As all I did last summer was work the weekends and entertain the kid during the week, I had to come up with ways to keep us all entertained. We gardened (sooo many tomatoes and marigolds…), we fermented (home-made soda rocks!), we played with clay (baked crusty bread, fired mugs to drink our soda…). Normally, we’d be kept busy going to events. But not so in the Year of the Plague. Instead, I decided to focus on something I never had, or made, time for that would entertain us all, and introduced mounted equestrian games. Whacking dummy heads with foam swords and catching rings with a converted pool-table lance sure did interest the kid, and had the ponies thinking too. At the end of summer we were all adapting to virtual get-togethers, and both my kid and I participated in a video-submission-only Equestrian Games challenge.
Which made me realize, we humans had great outfits, but our ponies were sorely lacking in appropriate attire. My persona is Viking, a time when heraldry and colorful horse barding were not yet quite a thing (like, at all). I could somewhat envision a style of bridle I could make for him to give him a more historic look, but making a saddle? For the sake of both of us I decided not to meddle with that (saddles do have to fit, hence the mundane existence of the job of saddle fitter). Then my interest in felt and my Icelandic Horse’s heritage joined. Low and behold, the old Icelanders had a padded-seat riding contraption with stirrups which was completely made from felt – no saddle fitting required. And even better, for ‘carpet’-like felted sheets like this pad the wool did not even need to be roving!
I’ve always been fascinated with felting fabric, like the thick sheet felt used in shoes. A good friend of mine makes beautiful leather turn shoes and has poked me a few times already to make some sheet felt to use as insoles. But I did not feel confident in being able to do a good job. And I especially could not quite wrap my head around the amount of roving needed.
Finding enough affordable roving proved challenging. Then I realized I did not have to use roving, as long as the wool was clean and fluffy it worked fine. Luckily, I had watched fellow Dominionite Eadgytha clean wool many times over the years, and last summer I attempted my first suinting experiments. And guided by a several videos showcasing Mongolian felting techniques used to make felt carpets and felt yurt walls, my son and I set out to experiment with the different suggestions. I will share with you the highlights of what worked, what did not, and what I intend to try differently next time.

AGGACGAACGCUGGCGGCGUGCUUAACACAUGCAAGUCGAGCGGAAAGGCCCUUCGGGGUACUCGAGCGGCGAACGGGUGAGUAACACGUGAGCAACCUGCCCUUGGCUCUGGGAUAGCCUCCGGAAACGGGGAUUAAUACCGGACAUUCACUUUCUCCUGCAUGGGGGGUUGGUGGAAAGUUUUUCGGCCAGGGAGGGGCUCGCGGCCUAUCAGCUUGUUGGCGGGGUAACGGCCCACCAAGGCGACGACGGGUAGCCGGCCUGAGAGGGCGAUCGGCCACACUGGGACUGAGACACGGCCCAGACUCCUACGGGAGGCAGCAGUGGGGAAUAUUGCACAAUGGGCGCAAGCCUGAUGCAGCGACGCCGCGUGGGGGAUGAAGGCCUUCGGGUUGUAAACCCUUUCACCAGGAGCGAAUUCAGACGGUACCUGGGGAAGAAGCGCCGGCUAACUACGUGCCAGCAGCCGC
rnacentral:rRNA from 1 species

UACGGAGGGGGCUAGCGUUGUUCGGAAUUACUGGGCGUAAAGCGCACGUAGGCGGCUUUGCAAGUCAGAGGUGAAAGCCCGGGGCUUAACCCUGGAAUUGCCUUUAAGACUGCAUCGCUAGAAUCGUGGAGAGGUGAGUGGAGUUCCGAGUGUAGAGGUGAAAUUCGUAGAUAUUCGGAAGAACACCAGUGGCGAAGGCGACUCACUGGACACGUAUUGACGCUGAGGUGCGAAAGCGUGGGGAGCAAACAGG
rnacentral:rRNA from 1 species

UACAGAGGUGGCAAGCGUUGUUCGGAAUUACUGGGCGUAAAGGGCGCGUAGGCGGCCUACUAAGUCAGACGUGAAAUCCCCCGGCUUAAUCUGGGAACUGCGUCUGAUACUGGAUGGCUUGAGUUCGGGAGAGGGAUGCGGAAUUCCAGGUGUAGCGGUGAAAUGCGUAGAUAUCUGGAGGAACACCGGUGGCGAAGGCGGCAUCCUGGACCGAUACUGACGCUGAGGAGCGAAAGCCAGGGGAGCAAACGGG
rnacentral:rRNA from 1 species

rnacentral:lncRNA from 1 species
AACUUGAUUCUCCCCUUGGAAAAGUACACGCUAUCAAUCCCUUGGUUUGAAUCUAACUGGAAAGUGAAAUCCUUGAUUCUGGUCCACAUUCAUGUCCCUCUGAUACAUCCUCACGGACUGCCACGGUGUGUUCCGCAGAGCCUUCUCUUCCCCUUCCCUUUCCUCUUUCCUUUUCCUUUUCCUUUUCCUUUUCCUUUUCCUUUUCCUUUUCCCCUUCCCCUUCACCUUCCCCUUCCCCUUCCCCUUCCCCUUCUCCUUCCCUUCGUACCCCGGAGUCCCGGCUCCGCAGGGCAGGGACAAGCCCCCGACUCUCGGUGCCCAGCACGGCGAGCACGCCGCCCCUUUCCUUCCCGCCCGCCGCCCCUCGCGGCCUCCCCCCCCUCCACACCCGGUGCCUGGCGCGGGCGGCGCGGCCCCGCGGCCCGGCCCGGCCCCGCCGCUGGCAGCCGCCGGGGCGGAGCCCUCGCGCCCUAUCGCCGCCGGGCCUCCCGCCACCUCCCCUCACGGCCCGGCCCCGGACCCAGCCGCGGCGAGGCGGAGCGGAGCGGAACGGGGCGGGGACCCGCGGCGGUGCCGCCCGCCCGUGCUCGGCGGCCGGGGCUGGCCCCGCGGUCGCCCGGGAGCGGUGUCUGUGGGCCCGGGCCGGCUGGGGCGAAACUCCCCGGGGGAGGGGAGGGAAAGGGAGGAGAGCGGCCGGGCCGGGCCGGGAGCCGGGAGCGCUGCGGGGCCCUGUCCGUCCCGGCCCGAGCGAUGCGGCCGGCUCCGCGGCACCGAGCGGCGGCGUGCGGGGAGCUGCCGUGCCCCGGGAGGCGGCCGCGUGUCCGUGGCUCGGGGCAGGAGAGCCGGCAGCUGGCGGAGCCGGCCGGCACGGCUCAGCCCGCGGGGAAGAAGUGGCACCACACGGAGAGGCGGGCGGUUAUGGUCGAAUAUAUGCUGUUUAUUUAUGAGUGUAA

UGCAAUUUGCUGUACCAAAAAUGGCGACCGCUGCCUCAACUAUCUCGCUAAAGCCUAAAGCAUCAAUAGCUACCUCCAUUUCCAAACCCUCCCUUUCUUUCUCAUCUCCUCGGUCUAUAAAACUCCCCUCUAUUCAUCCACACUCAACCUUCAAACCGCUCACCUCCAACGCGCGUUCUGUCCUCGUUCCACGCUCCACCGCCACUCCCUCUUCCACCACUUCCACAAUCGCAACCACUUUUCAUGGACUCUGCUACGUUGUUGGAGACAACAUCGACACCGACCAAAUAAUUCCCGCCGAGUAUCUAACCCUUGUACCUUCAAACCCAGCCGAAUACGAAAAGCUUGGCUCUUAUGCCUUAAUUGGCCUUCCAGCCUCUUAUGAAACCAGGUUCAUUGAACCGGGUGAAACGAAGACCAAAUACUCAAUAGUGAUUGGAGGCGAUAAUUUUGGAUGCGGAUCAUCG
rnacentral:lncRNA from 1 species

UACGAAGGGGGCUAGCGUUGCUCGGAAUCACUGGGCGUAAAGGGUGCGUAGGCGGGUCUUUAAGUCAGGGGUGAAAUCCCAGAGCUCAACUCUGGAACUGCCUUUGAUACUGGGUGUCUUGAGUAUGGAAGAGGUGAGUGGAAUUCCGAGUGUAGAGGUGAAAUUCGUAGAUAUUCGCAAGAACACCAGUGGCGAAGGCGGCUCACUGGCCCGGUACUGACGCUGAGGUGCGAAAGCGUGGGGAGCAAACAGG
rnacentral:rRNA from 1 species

What did we do:
Collecting the wool. With a project like this in mind I had collected not-so-good quality fleeces over a couple of years. I started with about 5 fleeces of various colors, making one large tub of variegated fluffed wool, but worried this would not be enough for this specific project. Luckily, Eadgytha has a Stash and she gave me two more large garbage bags of fleeces to play with!
Processing the wool. The Mongolian videos instructed to use fluffed wool for the outsides, with the nicest first to create the face of the fabric. The raw fleece is fluffed by laying it out on a tarp and beating it with sticks. This opens the fibers as well as helping it release dirt and hay etc. It was surprising how effective this beating method is, and how much dirt was beaten out of the wool! We were also picking up bits of hay and fluffs of wool for days afterwards.
Construction. Traditionally, Mongolian felt is made on top of an already made ‘mother’ felt, which is then rolled up as a whole. Since I was doing this indoors, I chose to use plastic shower curtains. The fluffed wool was grabbed by the handful in one hand, pushed in place and pulled out of the handful to create a somewhat scale-like overlapping collection of wool tufts. The center of the felt ‘sandwich’ could be clean but untreated raw wool, fluffed, topped with another layer of fluffed wool. The better the tufts are interlaced top to bottom, the better the layers of wool will be felted together. The wool would be wetted with hot water while the different layers were constructed, enough to make it damp but not so much it was dropping wet.